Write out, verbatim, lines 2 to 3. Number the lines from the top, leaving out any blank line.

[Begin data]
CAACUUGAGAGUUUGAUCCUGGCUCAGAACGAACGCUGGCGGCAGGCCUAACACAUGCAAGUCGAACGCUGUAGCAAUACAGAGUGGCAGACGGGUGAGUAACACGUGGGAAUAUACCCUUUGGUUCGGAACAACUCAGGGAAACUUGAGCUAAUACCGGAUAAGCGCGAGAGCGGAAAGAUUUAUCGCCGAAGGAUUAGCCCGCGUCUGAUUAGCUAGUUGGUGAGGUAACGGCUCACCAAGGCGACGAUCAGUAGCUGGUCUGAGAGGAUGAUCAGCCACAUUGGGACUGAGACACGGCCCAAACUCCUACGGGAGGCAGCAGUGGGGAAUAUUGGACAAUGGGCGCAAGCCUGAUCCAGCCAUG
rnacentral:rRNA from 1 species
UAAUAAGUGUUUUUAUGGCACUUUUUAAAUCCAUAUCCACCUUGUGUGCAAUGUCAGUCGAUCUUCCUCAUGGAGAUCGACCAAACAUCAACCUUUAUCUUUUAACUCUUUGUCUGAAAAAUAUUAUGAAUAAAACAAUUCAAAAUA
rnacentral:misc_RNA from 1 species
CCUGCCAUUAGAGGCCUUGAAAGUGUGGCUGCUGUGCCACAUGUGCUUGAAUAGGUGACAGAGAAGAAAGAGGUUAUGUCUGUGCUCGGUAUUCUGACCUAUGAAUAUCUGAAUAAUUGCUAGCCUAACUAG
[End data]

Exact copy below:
rnacentral:rRNA from 1 species
UAAUAAGUGUUUUUAUGGCACUUUUUAAAUCCAUAUCCACCUUGUGUGCAAUGUCAGUCGAUCUUCCUCAUGGAGAUCGACCAAACAUCAACCUUUAUCUUUUAACUCUUUGUCUGAAAAAUAUUAUGAAUAAAACAAUUCAAAAUA